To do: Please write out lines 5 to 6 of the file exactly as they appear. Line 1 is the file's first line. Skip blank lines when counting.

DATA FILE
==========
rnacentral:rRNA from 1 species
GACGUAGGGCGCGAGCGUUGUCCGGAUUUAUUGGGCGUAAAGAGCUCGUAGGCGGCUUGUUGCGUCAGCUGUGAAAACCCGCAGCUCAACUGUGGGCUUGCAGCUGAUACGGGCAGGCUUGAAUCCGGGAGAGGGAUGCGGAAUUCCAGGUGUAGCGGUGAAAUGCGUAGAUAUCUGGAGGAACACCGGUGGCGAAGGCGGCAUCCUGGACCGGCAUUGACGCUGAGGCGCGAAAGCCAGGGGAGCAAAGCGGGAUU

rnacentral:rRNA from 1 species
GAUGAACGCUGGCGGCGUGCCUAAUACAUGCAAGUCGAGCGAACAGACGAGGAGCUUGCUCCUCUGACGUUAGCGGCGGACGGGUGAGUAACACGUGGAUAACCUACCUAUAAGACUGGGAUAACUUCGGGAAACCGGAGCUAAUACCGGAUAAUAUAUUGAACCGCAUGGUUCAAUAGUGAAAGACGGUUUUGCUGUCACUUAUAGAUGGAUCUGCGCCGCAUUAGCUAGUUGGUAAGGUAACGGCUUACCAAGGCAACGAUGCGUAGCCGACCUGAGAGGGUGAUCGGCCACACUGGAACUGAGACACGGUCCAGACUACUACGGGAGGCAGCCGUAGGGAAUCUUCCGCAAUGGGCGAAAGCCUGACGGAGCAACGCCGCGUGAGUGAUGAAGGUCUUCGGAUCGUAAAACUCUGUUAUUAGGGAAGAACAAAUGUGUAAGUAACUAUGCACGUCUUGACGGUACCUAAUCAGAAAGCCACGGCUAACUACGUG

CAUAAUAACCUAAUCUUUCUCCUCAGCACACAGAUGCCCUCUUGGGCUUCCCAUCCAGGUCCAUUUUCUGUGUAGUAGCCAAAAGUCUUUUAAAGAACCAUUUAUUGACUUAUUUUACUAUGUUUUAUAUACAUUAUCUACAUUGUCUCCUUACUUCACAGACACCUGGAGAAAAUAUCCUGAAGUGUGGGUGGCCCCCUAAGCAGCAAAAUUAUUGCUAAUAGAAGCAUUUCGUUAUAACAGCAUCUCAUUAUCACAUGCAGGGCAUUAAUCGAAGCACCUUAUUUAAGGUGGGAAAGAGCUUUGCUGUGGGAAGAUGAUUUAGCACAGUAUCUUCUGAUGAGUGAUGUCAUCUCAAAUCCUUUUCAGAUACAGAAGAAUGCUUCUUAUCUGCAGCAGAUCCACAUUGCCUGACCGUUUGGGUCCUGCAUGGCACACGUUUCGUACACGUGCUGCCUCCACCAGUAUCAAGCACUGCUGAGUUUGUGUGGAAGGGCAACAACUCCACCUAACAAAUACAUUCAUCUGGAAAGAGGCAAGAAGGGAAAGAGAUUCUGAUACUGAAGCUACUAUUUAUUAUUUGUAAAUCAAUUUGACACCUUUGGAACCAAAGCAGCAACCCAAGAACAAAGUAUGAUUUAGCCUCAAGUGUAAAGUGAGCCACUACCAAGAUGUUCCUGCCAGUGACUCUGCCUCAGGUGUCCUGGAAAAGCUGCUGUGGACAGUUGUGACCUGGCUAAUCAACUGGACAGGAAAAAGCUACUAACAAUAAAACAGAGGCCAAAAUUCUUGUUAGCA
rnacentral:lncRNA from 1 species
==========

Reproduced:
CAUAAUAACCUAAUCUUUCUCCUCAGCACACAGAUGCCCUCUUGGGCUUCCCAUCCAGGUCCAUUUUCUGUGUAGUAGCCAAAAGUCUUUUAAAGAACCAUUUAUUGACUUAUUUUACUAUGUUUUAUAUACAUUAUCUACAUUGUCUCCUUACUUCACAGACACCUGGAGAAAAUAUCCUGAAGUGUGGGUGGCCCCCUAAGCAGCAAAAUUAUUGCUAAUAGAAGCAUUUCGUUAUAACAGCAUCUCAUUAUCACAUGCAGGGCAUUAAUCGAAGCACCUUAUUUAAGGUGGGAAAGAGCUUUGCUGUGGGAAGAUGAUUUAGCACAGUAUCUUCUGAUGAGUGAUGUCAUCUCAAAUCCUUUUCAGAUACAGAAGAAUGCUUCUUAUCUGCAGCAGAUCCACAUUGCCUGACCGUUUGGGUCCUGCAUGGCACACGUUUCGUACACGUGCUGCCUCCACCAGUAUCAAGCACUGCUGAGUUUGUGUGGAAGGGCAACAACUCCACCUAACAAAUACAUUCAUCUGGAAAGAGGCAAGAAGGGAAAGAGAUUCUGAUACUGAAGCUACUAUUUAUUAUUUGUAAAUCAAUUUGACACCUUUGGAACCAAAGCAGCAACCCAAGAACAAAGUAUGAUUUAGCCUCAAGUGUAAAGUGAGCCACUACCAAGAUGUUCCUGCCAGUGACUCUGCCUCAGGUGUCCUGGAAAAGCUGCUGUGGACAGUUGUGACCUGGCUAAUCAACUGGACAGGAAAAAGCUACUAACAAUAAAACAGAGGCCAAAAUUCUUGUUAGCA
rnacentral:lncRNA from 1 species